sábado, 17 de agosto de 2013

George Duke - A Keyboard Wizard


George Duke (January 12, 1946 – August 5, 2013) was an American musician, known as a keyboard pioneer, composer, singer and producer in both jazz and popular mainstream musical genres. He had worked with numerous acclaimed artists as arranger, music director, writer and co-writer, record producer and professor of music. He first made a name for himself with the album The Jean-Luc Ponty Experience with the George Duke Trio. He was known primarily for thirty-odd solo albums as well as for his collaborations with other musicians, particularly Frank Zappa.


The Jean-Luc Ponty Experience with The George Duke Trio album was recorded live in Hollywood, California in mid-September, 1969. A number of Jazz musicians were experimenting with the jazz-rock fusion that would become so popular in the 1970s, but Jean-Luc Ponty is one of the earliest to get it down on vinyl. Ponty was inspired by Miles Davis to explore this new fusion form, and is considered the first significant Jazz musician to record on the electric violin. Later, in the 1970s, he pioneered the use of 5 & 6-string violins and was the first to combine the violin with MIDI, distortion boxes, phase shifters, and wah-wah pedals.



Let 's start with some albuns of this initial phase of GD...


The Jean-Luc Ponty Experience with The George Duke Trio is a Jazz album released in 1969 by Jean-Luc Ponty on World Pacific Jazz in the US, and is considered to be one of the earliest fusion jazz albums.


Beginning in 1967 Duke experimented further with jazz fusion, playing and recording with violinist Jean-Luc Ponty, as well as performing with the Don Ellis Orchestra, and Cannonball Adderley's band, while he acquainted himself with Frank Zappa. Duke appeared on a number of Frank Zappa's albums through the 1970s.


One of the best albuns of this phase is:


You Can't Do That on Stage Anymore, Vol. 2 is a live album by Frank Zappa. Despite the subtitle "The Helsinki Concert", the album is not one complete concert, but was, in fact, assembled from two (and possibly three) different concerts performed in Helsinki in 1974. The working title for this album was The Helsinki Tapes, a title more accurately reflecting the fact that the album was composed of performances from more than one show. The track listing is similar to that of Roxy & Elsewhere (1974), as are the core band personnel. The performance includes a double-speed version of "Village of the Sun", sandwiched between a later version of "RDNZL", the first being recorded in 1972, and "Echidna's Arf (Of You)", and "Montana (Whipping Floss)" — a spontaneously rewritten version of "Montana", following an audience member's request for The Allman Brothers Band's "Whipping Post". The guitar solo in the One Size Fits All version of "Inca Roads" is an edited extract of the solo presented here. Zappa has considered these performances as some of the best in his career. This particular line-up was one of his favorites.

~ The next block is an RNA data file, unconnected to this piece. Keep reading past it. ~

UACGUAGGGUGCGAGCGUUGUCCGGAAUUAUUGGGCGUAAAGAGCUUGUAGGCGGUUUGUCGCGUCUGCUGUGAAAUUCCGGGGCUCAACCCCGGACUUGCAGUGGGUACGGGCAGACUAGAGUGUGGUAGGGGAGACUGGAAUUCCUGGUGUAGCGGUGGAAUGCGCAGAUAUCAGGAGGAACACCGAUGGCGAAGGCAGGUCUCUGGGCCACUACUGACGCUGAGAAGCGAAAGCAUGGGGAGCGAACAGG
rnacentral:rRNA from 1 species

The Band:
Frank Zappa – lead guitar, vocals
Napoleon Murphy Brock – saxophone, flute, vocals
George Duke – keyboards, vocals
Ruth Underwood – percussion
Tom Fowler – bass guitar
Chester Thompson – drums

The 70’s were filled with musical experimentation with great musicians as Billy Cobhan and Stanley Clarke.  In 1973, George rejoined Zappa and brought Jean-Luc Ponty with him. That band stayed together for the next three years, until Duke left to join forces with drummer Billy Cobham. Together, they formed a powerhouse jazz fusion unit even more popular and influential than the earlier Duke/Ponty group.

Three great records of these experimentations could be represented by:



(Thanks to Only Good Song)





(Thanks to Som Mutante)

George Duke became a solo artist in 1976, and enjoyed success with a series of fusion-oriented LP's such as his debut CBS LP, From Me To You. In 1978, the funk-flavored sound of the gold album Reach For It propelled George Duke into the upper reaches of the charts, and from small clubs to large arenas.



My favorite solo album is:


Line-up/Musicians
Acoustic Bass, Electric Bass – John Heard
Drums – Ndugu
Guitar – Obdewl'l X
Keyboards – George Duke
Percussion – Airto, Ndugu 
Synthesizer [Bass] – George Duke
Vocals – George Duke
Vocals [Featuring] – Flora Purim


Duke was nominated for a Grammy as Best Contemporary Jazz Performance for After Hours in 1999. By popular vote, Duke was inducted into The SoulMusic Hall Of Fame at SoulMusic.com in December 2012.


Duke died August 5, 2013 in Los Angeles from chronic lymphocytic leukemia. He was 67 and is survived by his sons, Rashid and John.

THANKS DUKE!!!!

More George Duke:

The Capricorn in Reflection


A Brazilian Love Affair


George Duke Biography ( http://www.georgeduke.com/biography.html )

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